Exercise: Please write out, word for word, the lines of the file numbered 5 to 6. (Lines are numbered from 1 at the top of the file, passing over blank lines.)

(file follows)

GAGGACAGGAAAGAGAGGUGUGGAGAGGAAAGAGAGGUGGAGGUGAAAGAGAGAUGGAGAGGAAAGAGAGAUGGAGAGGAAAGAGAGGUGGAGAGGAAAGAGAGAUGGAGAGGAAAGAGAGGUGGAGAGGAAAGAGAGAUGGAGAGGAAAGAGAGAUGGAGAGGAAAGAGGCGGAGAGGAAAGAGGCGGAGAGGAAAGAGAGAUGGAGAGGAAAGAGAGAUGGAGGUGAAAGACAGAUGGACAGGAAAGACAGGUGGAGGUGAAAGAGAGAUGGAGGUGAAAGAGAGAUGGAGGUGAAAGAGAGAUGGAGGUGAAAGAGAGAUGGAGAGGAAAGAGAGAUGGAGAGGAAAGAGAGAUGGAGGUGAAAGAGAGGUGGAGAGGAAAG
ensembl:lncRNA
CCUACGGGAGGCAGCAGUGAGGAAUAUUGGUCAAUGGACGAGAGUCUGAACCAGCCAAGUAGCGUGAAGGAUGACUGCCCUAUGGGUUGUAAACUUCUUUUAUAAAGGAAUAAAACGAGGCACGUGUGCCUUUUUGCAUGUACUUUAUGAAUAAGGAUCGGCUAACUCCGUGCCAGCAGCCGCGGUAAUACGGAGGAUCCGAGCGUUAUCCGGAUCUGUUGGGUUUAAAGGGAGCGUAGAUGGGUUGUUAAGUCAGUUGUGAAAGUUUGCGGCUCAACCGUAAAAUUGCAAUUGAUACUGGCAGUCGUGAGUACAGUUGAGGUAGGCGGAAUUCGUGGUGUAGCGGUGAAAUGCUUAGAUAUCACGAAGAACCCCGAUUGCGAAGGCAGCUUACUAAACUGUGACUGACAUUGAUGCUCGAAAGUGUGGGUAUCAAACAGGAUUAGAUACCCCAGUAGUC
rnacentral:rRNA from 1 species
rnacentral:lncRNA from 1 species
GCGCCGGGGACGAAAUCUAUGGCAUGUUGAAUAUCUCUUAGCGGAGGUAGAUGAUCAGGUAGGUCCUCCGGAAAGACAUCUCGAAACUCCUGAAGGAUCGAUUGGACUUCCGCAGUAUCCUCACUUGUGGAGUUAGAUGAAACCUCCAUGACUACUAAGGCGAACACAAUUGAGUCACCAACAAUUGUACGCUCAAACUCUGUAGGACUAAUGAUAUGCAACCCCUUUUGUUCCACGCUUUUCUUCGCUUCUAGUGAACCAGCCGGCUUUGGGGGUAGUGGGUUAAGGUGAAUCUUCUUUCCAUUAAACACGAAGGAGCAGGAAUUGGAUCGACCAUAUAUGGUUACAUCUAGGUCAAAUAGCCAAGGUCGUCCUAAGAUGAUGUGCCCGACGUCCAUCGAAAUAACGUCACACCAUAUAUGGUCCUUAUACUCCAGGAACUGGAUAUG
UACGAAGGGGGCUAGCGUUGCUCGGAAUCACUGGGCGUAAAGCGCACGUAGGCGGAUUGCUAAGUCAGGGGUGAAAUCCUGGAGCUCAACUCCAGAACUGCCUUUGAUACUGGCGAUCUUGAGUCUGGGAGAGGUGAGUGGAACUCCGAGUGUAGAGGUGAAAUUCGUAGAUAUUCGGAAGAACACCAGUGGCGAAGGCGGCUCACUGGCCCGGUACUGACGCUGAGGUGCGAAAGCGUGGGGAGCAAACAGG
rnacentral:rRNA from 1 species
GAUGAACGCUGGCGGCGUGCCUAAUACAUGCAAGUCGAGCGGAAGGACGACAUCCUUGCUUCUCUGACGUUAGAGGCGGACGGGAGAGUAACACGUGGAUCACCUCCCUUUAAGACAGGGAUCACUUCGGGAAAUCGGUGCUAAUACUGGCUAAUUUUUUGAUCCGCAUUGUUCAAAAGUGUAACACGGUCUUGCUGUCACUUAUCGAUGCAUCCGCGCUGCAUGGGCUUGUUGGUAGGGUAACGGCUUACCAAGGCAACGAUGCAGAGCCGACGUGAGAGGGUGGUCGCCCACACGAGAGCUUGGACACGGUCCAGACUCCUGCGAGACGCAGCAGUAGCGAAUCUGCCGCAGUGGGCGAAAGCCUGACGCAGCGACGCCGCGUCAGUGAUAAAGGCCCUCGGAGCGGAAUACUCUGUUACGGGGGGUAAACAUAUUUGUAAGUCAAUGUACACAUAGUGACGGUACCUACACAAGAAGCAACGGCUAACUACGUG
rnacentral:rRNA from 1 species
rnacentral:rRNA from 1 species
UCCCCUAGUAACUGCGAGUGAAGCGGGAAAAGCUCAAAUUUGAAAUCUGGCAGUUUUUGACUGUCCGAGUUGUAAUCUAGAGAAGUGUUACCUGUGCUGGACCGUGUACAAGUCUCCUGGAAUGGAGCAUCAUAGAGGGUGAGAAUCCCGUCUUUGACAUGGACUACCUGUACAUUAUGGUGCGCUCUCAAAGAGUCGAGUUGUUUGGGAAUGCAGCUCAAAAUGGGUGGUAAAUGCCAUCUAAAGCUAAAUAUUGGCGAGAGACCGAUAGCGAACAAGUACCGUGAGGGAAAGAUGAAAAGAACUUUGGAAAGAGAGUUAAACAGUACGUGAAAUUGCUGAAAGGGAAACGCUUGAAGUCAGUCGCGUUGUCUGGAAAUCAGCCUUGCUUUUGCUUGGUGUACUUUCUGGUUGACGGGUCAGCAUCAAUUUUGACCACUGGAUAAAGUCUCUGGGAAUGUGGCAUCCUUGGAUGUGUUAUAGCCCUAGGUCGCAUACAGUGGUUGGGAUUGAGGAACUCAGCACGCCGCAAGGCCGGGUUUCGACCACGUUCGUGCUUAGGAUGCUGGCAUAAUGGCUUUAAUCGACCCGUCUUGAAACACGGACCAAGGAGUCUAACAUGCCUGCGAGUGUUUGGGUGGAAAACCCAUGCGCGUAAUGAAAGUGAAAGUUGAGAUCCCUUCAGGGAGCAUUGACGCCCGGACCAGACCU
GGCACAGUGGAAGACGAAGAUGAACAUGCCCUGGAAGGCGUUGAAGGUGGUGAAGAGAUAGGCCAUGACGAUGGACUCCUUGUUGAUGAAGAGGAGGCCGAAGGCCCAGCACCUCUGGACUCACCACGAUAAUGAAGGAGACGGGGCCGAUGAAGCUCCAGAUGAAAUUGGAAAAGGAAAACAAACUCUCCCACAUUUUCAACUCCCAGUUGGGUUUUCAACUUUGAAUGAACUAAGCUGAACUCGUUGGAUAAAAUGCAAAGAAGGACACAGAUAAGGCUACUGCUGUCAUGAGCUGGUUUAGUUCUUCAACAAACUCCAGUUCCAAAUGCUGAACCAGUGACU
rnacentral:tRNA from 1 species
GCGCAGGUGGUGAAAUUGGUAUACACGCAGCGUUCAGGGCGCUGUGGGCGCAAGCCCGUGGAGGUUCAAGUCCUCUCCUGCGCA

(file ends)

rnacentral:lncRNA from 1 species
GCGCCGGGGACGAAAUCUAUGGCAUGUUGAAUAUCUCUUAGCGGAGGUAGAUGAUCAGGUAGGUCCUCCGGAAAGACAUCUCGAAACUCCUGAAGGAUCGAUUGGACUUCCGCAGUAUCCUCACUUGUGGAGUUAGAUGAAACCUCCAUGACUACUAAGGCGAACACAAUUGAGUCACCAACAAUUGUACGCUCAAACUCUGUAGGACUAAUGAUAUGCAACCCCUUUUGUUCCACGCUUUUCUUCGCUUCUAGUGAACCAGCCGGCUUUGGGGGUAGUGGGUUAAGGUGAAUCUUCUUUCCAUUAAACACGAAGGAGCAGGAAUUGGAUCGACCAUAUAUGGUUACAUCUAGGUCAAAUAGCCAAGGUCGUCCUAAGAUGAUGUGCCCGACGUCCAUCGAAAUAACGUCACACCAUAUAUGGUCCUUAUACUCCAGGAACUGGAUAUG